No one will begrudge Jay Heaps a learning curve. Being a first-year head coach is challenging enough – and doing so last year at rebuilding New England was always going to be a tough climb.
But it’s fair to ask for progress this year following a deflated 2012 campaign, one where playoff aspirations were drifting from view by August.
The attacking elements are all there. But Heaps, a former defender, and his staff have some ground to make up in that wobbly defense if they want to avoid missing the playoffs a fourth consecutive season.
Considering that this time last year Heaps (right, with Saer Sene) was running his first professional practices – Ever! – he’s presumably better equipped to answer the burning questions heading into preseason camp in 2013:
- Where is the defensive leadership?
A lot of that depends on an important sub-set of that question: who is in goal?
Matt Reis remains the longtime incumbent, and he seemed to kick the game up a notch after a mid-season benching in 2012. On the other hand, Bobby Shuttleworth has always been a bright understudy, so the position may not be exactly “up for grabs,” but it’s no lead pipe lock for Reis, either.
Some of the Revs’ defensive frailty in 2012 could be pinned on lack of communication and leadership in the back. No. 1 overall draft pick Andrew Farrell has the physical tools to be a central defensive force at Gillette Stadium, but is he ready mentally?
Darrius Barnes and Kevin Alston (and perhaps even third-year man A.J. Soares) are getting to places in their careers where they can’t just be “players,” where they need to reliably be voices, instructors on the field.
Someone has to take command back there.
- Where do all the fascinating midfield parts fit it?
Andy Dorman is back for his second Revolution “go round,” and there are lots of ways Heaps can use the midfield veteran, coming off a moderately productive five-year stay in Scotland and England.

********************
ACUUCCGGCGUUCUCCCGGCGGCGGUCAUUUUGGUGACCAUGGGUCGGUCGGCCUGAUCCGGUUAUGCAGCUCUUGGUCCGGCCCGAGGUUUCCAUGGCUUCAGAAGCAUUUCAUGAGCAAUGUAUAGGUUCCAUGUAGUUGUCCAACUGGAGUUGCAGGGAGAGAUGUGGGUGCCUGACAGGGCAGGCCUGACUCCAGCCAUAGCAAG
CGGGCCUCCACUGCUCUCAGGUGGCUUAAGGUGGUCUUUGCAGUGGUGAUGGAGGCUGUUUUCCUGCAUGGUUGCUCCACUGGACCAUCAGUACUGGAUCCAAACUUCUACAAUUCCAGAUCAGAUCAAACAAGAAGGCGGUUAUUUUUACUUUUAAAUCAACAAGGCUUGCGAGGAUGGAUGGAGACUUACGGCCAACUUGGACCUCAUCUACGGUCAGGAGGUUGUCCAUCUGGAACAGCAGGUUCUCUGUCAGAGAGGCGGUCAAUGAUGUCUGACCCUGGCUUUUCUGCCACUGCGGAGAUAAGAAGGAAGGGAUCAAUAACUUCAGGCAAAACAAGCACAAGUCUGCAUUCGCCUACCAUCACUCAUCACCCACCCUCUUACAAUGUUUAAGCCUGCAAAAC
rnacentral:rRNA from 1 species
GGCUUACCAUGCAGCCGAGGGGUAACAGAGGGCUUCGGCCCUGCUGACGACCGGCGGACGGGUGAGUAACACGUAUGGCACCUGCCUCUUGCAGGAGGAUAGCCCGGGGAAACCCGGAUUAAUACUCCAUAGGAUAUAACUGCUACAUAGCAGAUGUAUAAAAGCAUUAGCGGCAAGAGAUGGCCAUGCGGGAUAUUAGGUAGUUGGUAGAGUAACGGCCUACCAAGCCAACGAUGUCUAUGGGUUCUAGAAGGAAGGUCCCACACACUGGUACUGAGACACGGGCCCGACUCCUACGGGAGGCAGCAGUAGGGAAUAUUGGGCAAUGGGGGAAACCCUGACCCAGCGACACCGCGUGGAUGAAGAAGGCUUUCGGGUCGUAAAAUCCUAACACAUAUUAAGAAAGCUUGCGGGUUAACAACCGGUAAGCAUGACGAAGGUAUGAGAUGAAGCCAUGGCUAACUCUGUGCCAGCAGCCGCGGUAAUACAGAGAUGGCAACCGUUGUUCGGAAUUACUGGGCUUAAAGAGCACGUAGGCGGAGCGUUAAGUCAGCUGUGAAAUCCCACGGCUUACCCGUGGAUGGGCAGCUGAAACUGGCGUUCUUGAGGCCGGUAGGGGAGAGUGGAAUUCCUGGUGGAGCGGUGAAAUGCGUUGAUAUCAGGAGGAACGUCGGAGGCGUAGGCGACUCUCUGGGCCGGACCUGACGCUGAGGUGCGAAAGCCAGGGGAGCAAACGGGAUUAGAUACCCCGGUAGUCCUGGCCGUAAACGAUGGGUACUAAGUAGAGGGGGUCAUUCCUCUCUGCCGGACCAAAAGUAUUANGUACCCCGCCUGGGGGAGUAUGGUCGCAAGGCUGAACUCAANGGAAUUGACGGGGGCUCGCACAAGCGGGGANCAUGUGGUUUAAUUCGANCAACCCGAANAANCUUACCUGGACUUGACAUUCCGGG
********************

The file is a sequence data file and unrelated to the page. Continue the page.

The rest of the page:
What of Lee Nguyen, who was so effective after being claimed on the cheap 11 months ago from Vancouver that U.S. international Benny Feilhaber was deemed surplus at Gillette? (Yes, it was surely more complicated than that with Feilhaber, but same difference as it relates to Nguyen and the bigger personnel puzzle going into 2013.)
And then there’s lefty specialist Juan Toja, one of the truly intriguing figures in MLS going into this 18th season. We know the guy can play. The questions with Toja have always been along the lines of “Where’s his head at?”
Dorman and Nguyen are fairly versatile, willing and able to play centrally or out wide. Toja tends to drift inside, even when stationed ostensibly on the left, so perhaps a little less so on his end. With all that, there are talented, younger men to factor in, too.
Of course, it’s not all about attacking. Somebody’s got to screen and support that iffy back line – and Clyde Simms or Stephen McCarthy can’t do it all themselves.
- What does the forward depth chart look like?
If you can’t find a quality forward around the Revs’ ongoing training camp in Casa Grande, Ariz., you aren’t looking very hard. It’s on Heaps and staff to make some order within the stack-up of striking ability.
Saer Sene is coming off knee surgery, but team officials say it’s “so far, so good” on his rehab. The club’s first double-digit goal scorer since Taylor Twellman (Sene had 11 last year) probably won’t be at top speed by the club’s March 9 opener, but he seems on pace to be there soon after.
He and Honduran international Jerry Bengtson, who had his moments after last year’s late-summer signing, seem like options Nos. 1 and 2.
But Diego Fagundez is a bright young prospect, and Dimitry Imbongo might be as well. Plus, the team’s first two draft picks, Donnie Smith and Luke Spencer, may have something to say about it.
And let’s not forget that Heaps could use Dorman, Nguyen or Toja somewhere along a front line, depending on the formation.
MORE in ProSoccerTalk’s preseason camp series:
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